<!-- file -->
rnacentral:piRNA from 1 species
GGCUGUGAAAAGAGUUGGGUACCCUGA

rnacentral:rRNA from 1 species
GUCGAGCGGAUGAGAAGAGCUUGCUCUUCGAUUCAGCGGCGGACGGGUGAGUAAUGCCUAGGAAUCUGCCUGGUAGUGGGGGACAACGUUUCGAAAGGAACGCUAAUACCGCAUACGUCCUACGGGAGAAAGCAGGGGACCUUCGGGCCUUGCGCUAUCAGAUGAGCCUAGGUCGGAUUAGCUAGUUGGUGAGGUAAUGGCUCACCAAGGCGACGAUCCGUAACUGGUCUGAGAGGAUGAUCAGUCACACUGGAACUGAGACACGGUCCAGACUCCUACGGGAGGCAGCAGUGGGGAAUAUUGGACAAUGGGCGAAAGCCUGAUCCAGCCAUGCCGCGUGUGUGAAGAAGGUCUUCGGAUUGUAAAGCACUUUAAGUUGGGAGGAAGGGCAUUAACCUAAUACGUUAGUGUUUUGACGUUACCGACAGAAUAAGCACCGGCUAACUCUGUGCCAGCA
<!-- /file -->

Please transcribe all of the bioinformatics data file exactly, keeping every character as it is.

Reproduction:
rnacentral:piRNA from 1 species
GGCUGUGAAAAGAGUUGGGUACCCUGA

rnacentral:rRNA from 1 species
GUCGAGCGGAUGAGAAGAGCUUGCUCUUCGAUUCAGCGGCGGACGGGUGAGUAAUGCCUAGGAAUCUGCCUGGUAGUGGGGGACAACGUUUCGAAAGGAACGCUAAUACCGCAUACGUCCUACGGGAGAAAGCAGGGGACCUUCGGGCCUUGCGCUAUCAGAUGAGCCUAGGUCGGAUUAGCUAGUUGGUGAGGUAAUGGCUCACCAAGGCGACGAUCCGUAACUGGUCUGAGAGGAUGAUCAGUCACACUGGAACUGAGACACGGUCCAGACUCCUACGGGAGGCAGCAGUGGGGAAUAUUGGACAAUGGGCGAAAGCCUGAUCCAGCCAUGCCGCGUGUGUGAAGAAGGUCUUCGGAUUGUAAAGCACUUUAAGUUGGGAGGAAGGGCAUUAACCUAAUACGUUAGUGUUUUGACGUUACCGACAGAAUAAGCACCGGCUAACUCUGUGCCAGCA